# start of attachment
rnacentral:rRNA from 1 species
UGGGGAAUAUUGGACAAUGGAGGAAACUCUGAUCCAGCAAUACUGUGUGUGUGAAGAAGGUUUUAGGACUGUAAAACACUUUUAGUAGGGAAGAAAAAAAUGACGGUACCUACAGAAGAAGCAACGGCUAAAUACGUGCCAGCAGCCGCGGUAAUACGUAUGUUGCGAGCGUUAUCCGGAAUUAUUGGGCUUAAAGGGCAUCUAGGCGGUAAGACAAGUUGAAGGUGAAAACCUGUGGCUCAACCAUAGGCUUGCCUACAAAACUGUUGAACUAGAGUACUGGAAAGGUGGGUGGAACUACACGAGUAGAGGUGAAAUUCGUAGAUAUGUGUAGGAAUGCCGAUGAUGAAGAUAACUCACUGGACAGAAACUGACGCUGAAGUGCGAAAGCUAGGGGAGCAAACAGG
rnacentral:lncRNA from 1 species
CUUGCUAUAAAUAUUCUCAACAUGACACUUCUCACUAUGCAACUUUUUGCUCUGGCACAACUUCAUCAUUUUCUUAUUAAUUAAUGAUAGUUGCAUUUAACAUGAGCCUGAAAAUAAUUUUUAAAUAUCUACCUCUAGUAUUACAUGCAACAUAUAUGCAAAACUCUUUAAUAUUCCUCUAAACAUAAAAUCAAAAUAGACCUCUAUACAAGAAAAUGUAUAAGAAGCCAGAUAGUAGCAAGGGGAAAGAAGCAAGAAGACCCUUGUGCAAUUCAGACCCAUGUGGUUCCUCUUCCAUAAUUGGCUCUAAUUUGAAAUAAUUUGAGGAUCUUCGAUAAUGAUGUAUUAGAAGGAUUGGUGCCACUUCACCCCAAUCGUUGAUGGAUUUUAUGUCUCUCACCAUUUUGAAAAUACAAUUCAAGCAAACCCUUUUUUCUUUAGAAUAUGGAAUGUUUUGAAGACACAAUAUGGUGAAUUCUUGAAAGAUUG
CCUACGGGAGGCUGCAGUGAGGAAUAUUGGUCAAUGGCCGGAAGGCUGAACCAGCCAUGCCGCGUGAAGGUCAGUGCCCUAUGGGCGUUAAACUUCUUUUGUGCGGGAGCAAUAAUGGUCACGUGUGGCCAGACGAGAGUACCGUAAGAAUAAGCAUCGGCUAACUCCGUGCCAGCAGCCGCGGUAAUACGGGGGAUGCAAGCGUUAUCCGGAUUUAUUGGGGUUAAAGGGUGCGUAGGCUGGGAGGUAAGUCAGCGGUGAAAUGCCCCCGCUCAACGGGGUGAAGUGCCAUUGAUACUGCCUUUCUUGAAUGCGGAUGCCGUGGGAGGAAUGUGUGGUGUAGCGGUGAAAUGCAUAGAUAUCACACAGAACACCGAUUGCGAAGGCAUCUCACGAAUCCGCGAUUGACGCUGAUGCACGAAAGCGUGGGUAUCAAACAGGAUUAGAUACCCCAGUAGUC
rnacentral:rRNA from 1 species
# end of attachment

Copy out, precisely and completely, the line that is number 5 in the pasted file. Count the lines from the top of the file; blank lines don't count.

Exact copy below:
CCUACGGGAGGCUGCAGUGAGGAAUAUUGGUCAAUGGCCGGAAGGCUGAACCAGCCAUGCCGCGUGAAGGUCAGUGCCCUAUGGGCGUUAAACUUCUUUUGUGCGGGAGCAAUAAUGGUCACGUGUGGCCAGACGAGAGUACCGUAAGAAUAAGCAUCGGCUAACUCCGUGCCAGCAGCCGCGGUAAUACGGGGGAUGCAAGCGUUAUCCGGAUUUAUUGGGGUUAAAGGGUGCGUAGGCUGGGAGGUAAGUCAGCGGUGAAAUGCCCCCGCUCAACGGGGUGAAGUGCCAUUGAUACUGCCUUUCUUGAAUGCGGAUGCCGUGGGAGGAAUGUGUGGUGUAGCGGUGAAAUGCAUAGAUAUCACACAGAACACCGAUUGCGAAGGCAUCUCACGAAUCCGCGAUUGACGCUGAUGCACGAAAGCGUGGGUAUCAAACAGGAUUAGAUACCCCAGUAGUC